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Implementing the Five Moments of Need Model

I have been following the work of Bob Mosher & Conrad Gottfredson (better known as Bob&Con) for several years now. They made a significant contribution to workplace learning studies by introducing the "Five Moments of Need" model (Mosher & Gottfredson, 2011). The model captures both formal and informal learning tracks and needs. In recent years I researched and implemented real- time learning strategies in corporate settings, using performance support platforms.
Implementing the Five Moments of Need Model

Implementing the Five Moments of Need Model Using Performance Support Platforms

I have been following the work of Bob Mosher & Conrad Gottfredson (better known as Bob&Con) for several years now. They made a significant contribution to workplace learning studies by introducing the "Five Moments of Need" model (Mosher & Gottfredson, 2011). The model captures both formal and informal learning tracks and needs. In recent years I researched and implemented real- time learning strategies in corporate settings, using performance support platforms.

Real-time learning occurs when the work situation contains within it the knowledge needed to complete the task at hand, thus allowing learning while working. In this short paper I would like to share my view and experience regarding the implementation of the Five Moments of Need model, using support platforms and KM (knowledge management) tools that are widely available today, especially in service providing ventures.

Quick recap – the Five Moments of Need

In a nutshell, the model describes five daily routine occurrences in which a worker requires information in order to accomplish the task at hand. The first two occurrences refer to formal learning procedures, whereas the other three refer to informal learning opportunities in the workplace.

The Five Moments of Need are:

  1. Learning for the first time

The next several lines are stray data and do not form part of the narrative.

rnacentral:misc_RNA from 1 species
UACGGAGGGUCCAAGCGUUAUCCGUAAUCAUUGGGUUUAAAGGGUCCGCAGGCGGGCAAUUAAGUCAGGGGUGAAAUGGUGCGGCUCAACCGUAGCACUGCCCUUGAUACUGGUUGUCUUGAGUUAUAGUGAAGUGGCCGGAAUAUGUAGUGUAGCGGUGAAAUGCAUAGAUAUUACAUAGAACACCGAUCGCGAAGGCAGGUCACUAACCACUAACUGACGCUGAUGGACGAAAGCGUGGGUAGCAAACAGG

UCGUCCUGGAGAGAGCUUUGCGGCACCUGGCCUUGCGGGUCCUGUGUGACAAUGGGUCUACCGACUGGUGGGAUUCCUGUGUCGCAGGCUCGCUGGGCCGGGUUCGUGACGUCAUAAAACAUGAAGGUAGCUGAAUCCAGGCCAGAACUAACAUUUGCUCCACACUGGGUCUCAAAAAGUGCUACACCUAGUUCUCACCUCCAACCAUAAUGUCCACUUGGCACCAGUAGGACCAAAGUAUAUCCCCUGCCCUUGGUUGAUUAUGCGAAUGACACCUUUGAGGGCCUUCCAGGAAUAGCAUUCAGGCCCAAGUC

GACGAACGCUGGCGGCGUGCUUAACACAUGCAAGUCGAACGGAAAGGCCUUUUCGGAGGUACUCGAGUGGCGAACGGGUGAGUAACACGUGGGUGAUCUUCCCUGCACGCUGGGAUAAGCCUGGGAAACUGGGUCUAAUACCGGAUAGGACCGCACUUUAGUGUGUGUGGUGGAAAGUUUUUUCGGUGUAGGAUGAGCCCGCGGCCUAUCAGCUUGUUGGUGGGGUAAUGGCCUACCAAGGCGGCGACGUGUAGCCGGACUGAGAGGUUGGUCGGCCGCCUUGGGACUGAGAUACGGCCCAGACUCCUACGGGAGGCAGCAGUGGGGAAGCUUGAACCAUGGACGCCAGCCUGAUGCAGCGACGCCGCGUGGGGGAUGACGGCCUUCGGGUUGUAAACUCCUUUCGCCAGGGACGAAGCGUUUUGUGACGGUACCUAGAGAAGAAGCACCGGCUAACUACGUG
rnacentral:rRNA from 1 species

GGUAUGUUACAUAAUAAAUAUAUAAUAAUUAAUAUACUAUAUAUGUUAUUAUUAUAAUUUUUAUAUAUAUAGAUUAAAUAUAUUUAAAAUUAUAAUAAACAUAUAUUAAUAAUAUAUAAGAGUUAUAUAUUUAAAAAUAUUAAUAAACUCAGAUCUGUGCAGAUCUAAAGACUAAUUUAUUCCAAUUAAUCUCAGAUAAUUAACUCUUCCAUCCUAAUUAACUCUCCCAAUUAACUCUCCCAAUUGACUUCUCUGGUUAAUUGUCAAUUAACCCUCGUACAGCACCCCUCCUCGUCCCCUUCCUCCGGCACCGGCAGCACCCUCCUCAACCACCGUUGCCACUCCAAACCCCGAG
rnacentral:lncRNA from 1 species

2. Learning More
  3. Applying what you've learned
  4. When things go wrong
  5. When things change

I believe one of the model's most brilliant points is its holistic approach to the various learning occurrences it identifies. As opposed to the declared aim of formal learning, which is specific learning achievements or certification, the goal of learning in the workplace is proficiency. In order to achieve proficiency, as demonstrated by the model, one is required to combine formal, informal, social and real-time learning strategies. Corresponding with our research conclusions, the specified model indicates that real-time effective learning should be applied in all stages and forms of learning in the organization (Gal & Nachmias, 2011).

Performance Support platforms: In this paper I use the term Performance Support Platforms in its broad definition, namely, any IT system that supports task performance in real-time, including what are known as KMS (Knowledge Management Systems) or EPSSs (Electronic Performance Support Systems).

Following is a short description of how the organization can implement each of the above mentioned five moments, using performance support platforms. To better demonstrate this I will be using scenarios from a call center focusing on customer service issues.

Learning for the first time (new hire training)

This initial stage is grounded in the implementation of performance based learning methods based on integrative scenarios performed using live systems (training environment production). Support/knowledge systems will supply the procedure, data and regulations during practice. Two goals are achieved as a result: a. Effective learning of core scenarios, soft and IT skills; b. Experience in task completion while aided by a support system will encourage the re use of the support mechanism.

Case: Learning a complex customer service scenario by practicing it with the aid of the performance support system. Learning time is reduced due to the integration between theory (regulations, best practice, procedure, and data) and practice. Trainees develop work habits that correspond with the support system.

Learning More (Workplace Learning)